Dylan & Tom are back for another episode of Truth Or Skepticism! In this segment, Dylan comes out firing with five trading & finance myths ranging from complexity being bad, to the deck being stacked against the little guy. Will they bust these myths or find truth to them? Tune into the segment here to find out! Here’s a quick preview below:


What you want is good technology - good information flow is not as important.
— Tom Sosnoff

Dylan believes that the deck is stacked against the little guy because the larger players generally have a better information flow. Tom doesn’t believe information is as important as good technology. In the old days, the little guy would be forgotten because orders were manually routed. In today’s tech age, the little guy is in the same electronic queue. High frequency trading helps the little guy’s bid/ask spread as well.


I believe that complexity is a fraudulent representation of risk.
— Dylan Ratigan

Tom & Dylan discuss the notion that complexity adds risk. They dissect what complexity actually means, and compare the differing viewpoints - complexity of a position in an underlying vs. complexity of the variables that can affect a position. Tom argues that complexity is something that should be endorsed, not avoided.

Would you like it if I had the regulators tell you you couldn’t drive your stick sports car because it was too complex?
— Tom Sosnoff


The thing that really appeals to me about volatility is that the human uncertainty of events always results in the overpricing of implied volatility.
— Dylan Ratigan

Tom & Dylan discuss volatility and compare it to real life. Children hopefully have a low volatility life, but as one graduates from different education systems and begins to branch out alone, that’s when the volatility starts. Tom & Dylan both agree that volatility is an opportunity, not a bad thing.

In the University sense, the expectation is that you graduate - there’s no volatility around that expectation. The volatility starts next!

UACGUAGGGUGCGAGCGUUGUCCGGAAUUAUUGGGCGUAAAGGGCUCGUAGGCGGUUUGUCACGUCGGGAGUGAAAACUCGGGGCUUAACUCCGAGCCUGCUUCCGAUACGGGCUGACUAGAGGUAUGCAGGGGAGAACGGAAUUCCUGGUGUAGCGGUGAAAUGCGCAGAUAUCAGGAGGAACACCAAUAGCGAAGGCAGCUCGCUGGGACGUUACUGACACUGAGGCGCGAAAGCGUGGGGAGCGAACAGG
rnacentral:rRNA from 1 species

— Tom Sosnoff


The only market wizards I’ve ever met are people with inside information.
— Dylan Ratigan

Dylan begs the question - are there market wizards out there? He goes on to explain that diversification in the traditional sense is very different than the tastytrade definition. Tom believes inversely correlated underlyings are the key to diversification, and blames the lack of diversification knowledge on both the financial service sector as well as the passive investor.

What drives me crazy is all of these idiotic, robotic advisors...and the reason that they say they’re necessary is for ‘competent diversification’ when, in fact, they know nothing about diversification.
— Tom Sosnoff


The top 8% of commission payers make the most money.
— Tom Sosnoff

Tom & Dylan both agree that when it comes down to it, if you pay a lot of commissions from trading a lot, you’re going to be better off than if you’re paying a ton of fees for someone else to manage your money. Tom reflects on his brokerage days and discusses how the people who paid the most commissions almost always made the most as well.

So if we look at the top 5 biggest fee payers, are they the biggest losers?
— Dylan Ratigan

To see earlier episodes of Truth or Skepticism with Dylan Ratigan, you can watch them here on the tastytrade archives!